A peaceful and rapid rain poured over the State of Texas. People hook their horns to the nearest front cars while waiting for the green light to turn on. The ground begins to create puddles that spread wildly like a portal. Over by the pizzeria place, Nicholas' Seeker, Kyla clocked in to prepare for her shift. She placed her purse inside the office while grabbing her drinks from the oven. Kyla checks to see if anything needs to complete before starting her day. She became one of the recognized employees the customers enjoyed seeing daily. Everyone loves the smile on her face, which helps them keep faith that their day runs smoothly. One of the managers, Rosa, waits for her to take over the oven and layer a chicken box and bread box. "Hola!" Kyla shouted. "Hey, mama. I'll be back. I need a smoke break," Rosa said before walking away. "Gotta it. Leave it to me," Kyla said. The general manager Simon returned from the restroom and washed his hands before jumping onto the makeline and telling the workers to load the three ovens. The orders flood the screen, triggering the workers to kick into high gear and make these orders quickly. "Kyla, we're loading all three ovens. Let us know if you need help," Bella said. As the food items pile close together, she breaks a sweat and immediately needs assistance at the oven. Brie and Lisa ran to Kyla's aid to help her. "Brie, read the tickets, and I'll help Kyla," Lisa said. Brie nods and begins reading the tickets. Even with three workers, the oven pushes the food out like a vending machine dropping candy or snacks. Kyla's speed could be better, which makes her feel low self-esteem and silent from speaking. "Come on, Kyla. Let's push forward and worry less about everything else," Brie said. "How nice of you, Brie? I want to go fast like Sonic or Road Runner, yet I can't kick into high gear. I'm like a sloth, who sleep all day and night, and come to work feeling like a zombie," Kyla said while laughing softly. "Oh, yea? I didn't sleep last night because my neighbor committing a mistake in front of my house was okay. I came in two hours late from my shift time after finding out what they did," Lisa said as she laughed. Kyla and Brie couldn't contain their inner laughter and release it. As the last food items were boxed and sent to the customers, Rosa returned from her break and saw them sweating off their bodies. "Rosa? I thought you left," Brie said shockingly. "You said you promised to come back and left me to dust with these orders," Kyla said. "Well, excuse me, miss! I came in early this morning and carried these heavy boxes myself without help. Afterward, my back hurt, and I dislocated my ankle went I slipped onto the floor," Rosa said. The ladies looked awkward and walked away for a short break before another round of rush orders. Kyla sighed as she barely survived the short period of food items coming out quickly; however, with the help of her coworkers and managers, she managed to do little work while they picked up the slick.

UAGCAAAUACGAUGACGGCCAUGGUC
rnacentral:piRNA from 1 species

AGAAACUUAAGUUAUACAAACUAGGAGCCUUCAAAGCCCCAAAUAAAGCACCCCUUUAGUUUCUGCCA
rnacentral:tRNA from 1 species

Ariana packed her bags in a hurry. She was going back to her parent's house for her year-end holidays and she couldn't wait to get there. Her dad would be picking her up and she didn't want to be late. After ten years of staying away from home due to her dad's constant moving from one state to another on work assignments, her stay in her paternal grandparents' home was coming to an end. She lived with her grandparents so she could attend a private school nearby their home. It was a missionary school and Ariana loved attending school there. However, she didn't stop missing her family when away from them and looked forward to the holidays when all of them could be together again. She especially missed her dad as he was the one person who would mollycoddle her and indulge her with presents and whatever she asked for. Mom was always the strict one. But with her dad, she could throw a tantrum when she didn't get what she wanted and not be punished for it. She looked forward to the year-end since her birthday falls in November and come December, Christmas and New Year celebrations made her time with her family all the merrier. Ariana had a secret passion though. Her parents lived near the seaside and each time she went back for the holidays, she would always look forward to catching the sunrises and sunsets that graced the skies there. She would count the hours to sunset just as the hours of sunrise trailed away. Before dusk, she would walk, sometimes miles down the beach, talking to the winds, hearing her voice echo back as the tides washed softly ashore in a welcome whenever she traipsed down its sands. Like her, the waters of the seas believed she belonged among them, and she whiled her hours away till the evening sun lit up the horizons in unbelievable colors of crimson and gold. Ariana had an affinity for the seas, the tides, and all of the skies' splendorous revealing. She knew them to be as mystical as they were seraphic. The colors of the skies were seraphic and blissful in nature. They created artistry and displayed the wisdom of the Gods. Her dad pulled up at her grandparent's house, and after saying their goodbyes to them, Ariana and her dad were on their way. It was at least a five-hour drive to reach her home in another state from where her grandparents lived. When they reached, it was late evening. Her mom and siblings ran out to greet her gleefully. Mom had prepared an elaborate dinner to celebrate her return. All of her favorite food was laid out on the table. Ariana had a sumptuous meal that night with her family members. They sat down together after dinner and talked about Ariana's plans to further her tertiary education since this time around, she was back to stay for good. Ariana could smell the sea from her house. So after they had finished talking, she walked out to where the beach was. It was dark but the path to the beach was lighted as were the surroundings of her home. She saw the park empty on the way when usually the residents who lived there would come out after dinner to sit around and talk or walk on the grounds and enjoy the cool breeze that blew their way from the seaside. When Ariana stood by the fence overlooking the sea, she heard the waves rise and splash against the rocks. She couldn't see the waters in the dark except for a lighthouse in the distance. And its light shone and shimmered on the waters of another part of the sea. Ariana thought about how light dispels the dark. The lighthouse was symbolic of it. She listened for a while longer to the waves and waited to catch the sunrise the next morning. Dawn was only a few hours away, she came away thinking. That night Ariana slept peacefully while listening to the sounds of the tides and the winds. They instilled a deep sense of solace and calm within her. Ariana woke up to dawn and got dressed quickly. Her mom was already up and about in the kitchen. She briefly told her that she was going down to the beach and rushed out. She sat on her favorite spot on the beach and waited to see the first glimmer of light. Like her, the skies waited their turn for the radiance from the rising sun. The sun drew an embodiment of colors across the sky and rose in resplendence. Far in the distance, the horizons came alive almost like the skies sat upon the seas and transmitted an array of visually colored clouds throughout the celestial universe. Ariana sat mesmerized as never before for the winds whispered that they would create a splendorous viewing just before dusk overtakes the night once again for her. Ariana walked back home appeased. She began her count to the hours before sunset. She had heard it in the winds and wanted to be part of the sunset's silhouette. It was going to be an exquisite, lustrous day. Ariana's embers of passion for celestial beauty would be reignited once again. The End.